Agony is Alright: Live in the U.K. (2021)
This is a painting I made based on an idea that struck me in the basement of an Airbnb in Bristol. I was in the middle of a six week European tour, and I was miserably homesick. I had three days off, so I holed up in this rented room. I pulled the curtains to the only window in the room, and cut the lights. Night and days ran together. I agonized in solitude. I realized that art that I had created out of previous agony was what had led me to that basement in Bristol, agonizing yet again. So I made this about it. It was alright.
An Untamed Sense of Control (2003)
I was 21 or so when I first went to Washington D.C. I was largely unfamiliar with folk and blues music. I went into the Smithsonian. I bought this CD based on the cover art alone, and I sure am glad I did. I was already playing 3-finger style bluegrass banjo by this point, but Roscoe Holcomb wasn't playing that. He was playing the banjo with rhythmic ferocity. It was brutal. I stared at his face on the album. He looked solemn, and with the deep crevices lining his hard expression, I knew this was serious. I tried to play like him... in fact, I am still trying to play like him. There is something in this type of music though that just cannot be reproduced... a complete abandonment into the song, that I ain't sure could ever be accomplished by those of us buying CDs at a museum in D.C.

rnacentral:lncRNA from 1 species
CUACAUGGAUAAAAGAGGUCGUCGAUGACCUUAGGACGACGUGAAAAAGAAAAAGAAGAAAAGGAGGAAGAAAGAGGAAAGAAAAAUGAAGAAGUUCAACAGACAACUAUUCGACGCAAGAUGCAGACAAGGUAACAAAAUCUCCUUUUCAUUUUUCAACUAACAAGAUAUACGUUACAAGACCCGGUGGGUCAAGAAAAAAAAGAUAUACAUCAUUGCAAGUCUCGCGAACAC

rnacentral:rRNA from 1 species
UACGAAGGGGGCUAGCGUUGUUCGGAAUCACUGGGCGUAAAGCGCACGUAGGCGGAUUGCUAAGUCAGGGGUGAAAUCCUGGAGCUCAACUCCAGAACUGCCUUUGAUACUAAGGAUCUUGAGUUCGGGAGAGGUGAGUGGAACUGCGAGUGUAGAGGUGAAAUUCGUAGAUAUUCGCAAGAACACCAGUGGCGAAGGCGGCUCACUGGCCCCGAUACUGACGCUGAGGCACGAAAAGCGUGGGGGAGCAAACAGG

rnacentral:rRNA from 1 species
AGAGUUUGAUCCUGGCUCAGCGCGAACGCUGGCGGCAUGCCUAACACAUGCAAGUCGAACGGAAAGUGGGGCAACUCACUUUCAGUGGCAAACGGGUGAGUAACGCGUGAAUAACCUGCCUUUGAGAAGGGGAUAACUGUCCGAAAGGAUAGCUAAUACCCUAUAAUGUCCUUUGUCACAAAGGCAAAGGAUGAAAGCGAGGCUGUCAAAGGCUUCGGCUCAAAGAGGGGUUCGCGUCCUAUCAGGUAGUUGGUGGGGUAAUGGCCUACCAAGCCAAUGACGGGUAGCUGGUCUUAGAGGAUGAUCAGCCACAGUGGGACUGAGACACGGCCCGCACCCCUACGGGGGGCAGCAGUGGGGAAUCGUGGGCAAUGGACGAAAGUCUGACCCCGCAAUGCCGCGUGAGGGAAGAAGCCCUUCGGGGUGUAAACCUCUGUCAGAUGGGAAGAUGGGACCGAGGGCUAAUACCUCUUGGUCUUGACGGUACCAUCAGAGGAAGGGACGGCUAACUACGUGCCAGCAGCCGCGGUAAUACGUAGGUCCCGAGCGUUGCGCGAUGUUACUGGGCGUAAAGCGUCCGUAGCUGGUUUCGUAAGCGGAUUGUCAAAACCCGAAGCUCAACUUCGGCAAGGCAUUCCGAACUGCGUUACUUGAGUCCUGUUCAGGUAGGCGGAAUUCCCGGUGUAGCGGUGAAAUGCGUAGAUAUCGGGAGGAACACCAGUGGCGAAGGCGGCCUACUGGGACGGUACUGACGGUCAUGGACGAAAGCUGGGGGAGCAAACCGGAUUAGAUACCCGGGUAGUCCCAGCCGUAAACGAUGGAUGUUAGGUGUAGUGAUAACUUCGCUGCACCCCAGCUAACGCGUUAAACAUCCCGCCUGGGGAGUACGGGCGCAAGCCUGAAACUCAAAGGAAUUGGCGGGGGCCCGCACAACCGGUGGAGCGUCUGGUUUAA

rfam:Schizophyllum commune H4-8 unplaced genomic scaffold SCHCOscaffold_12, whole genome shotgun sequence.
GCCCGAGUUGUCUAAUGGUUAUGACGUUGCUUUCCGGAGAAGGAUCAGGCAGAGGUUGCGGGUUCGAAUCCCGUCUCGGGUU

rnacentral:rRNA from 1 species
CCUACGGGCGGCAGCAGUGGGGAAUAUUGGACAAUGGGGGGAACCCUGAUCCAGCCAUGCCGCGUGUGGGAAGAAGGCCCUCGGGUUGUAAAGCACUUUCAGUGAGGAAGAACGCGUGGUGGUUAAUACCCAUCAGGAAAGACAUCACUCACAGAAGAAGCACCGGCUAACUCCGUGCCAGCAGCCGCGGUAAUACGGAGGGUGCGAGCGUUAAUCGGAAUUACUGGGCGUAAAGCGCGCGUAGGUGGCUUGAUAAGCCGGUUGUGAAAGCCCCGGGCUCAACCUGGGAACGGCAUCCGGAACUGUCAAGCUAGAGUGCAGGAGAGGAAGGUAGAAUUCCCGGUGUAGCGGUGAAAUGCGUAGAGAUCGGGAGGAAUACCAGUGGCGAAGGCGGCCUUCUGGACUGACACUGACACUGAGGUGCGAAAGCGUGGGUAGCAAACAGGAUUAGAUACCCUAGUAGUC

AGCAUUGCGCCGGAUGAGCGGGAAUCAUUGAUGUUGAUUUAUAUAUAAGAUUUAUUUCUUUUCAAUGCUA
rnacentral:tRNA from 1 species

Little Creatures (1985)
This is not an album I grew up with. I started painting as a young preacher, leaving the ministry in 2007. I had no idea how to paint. I didn't really choose it. I had to paint... as a matter of expression and as a way to reconcile myself to some type of peace during the darkest days of my life. I painted for ten years, never showing my work to anyone outside my family. Then in 2017, my music career began to gain some footing. I got a small record deal. The label hired a manger and publicist. The manager and publicist came over to my house to talk over the new album release. My wife only allowed me to hang one of my paintings in my house back in those days. She feared that my work would frighten folks. As my new manager and publicist were leaving, they stopped and looked at the lone piece I had displayed, having no idea it was one of mine. They both raved about the work and asked who made it. I said, I did. They asked if I had more. I bought out 50 or so paintings. They said I reminded them of Howard Finster. I had never heard of Howard Finster. Turns out, Finster was an Alabama-born, baptist preacher who became an artist. I have fallen in love with his work since then.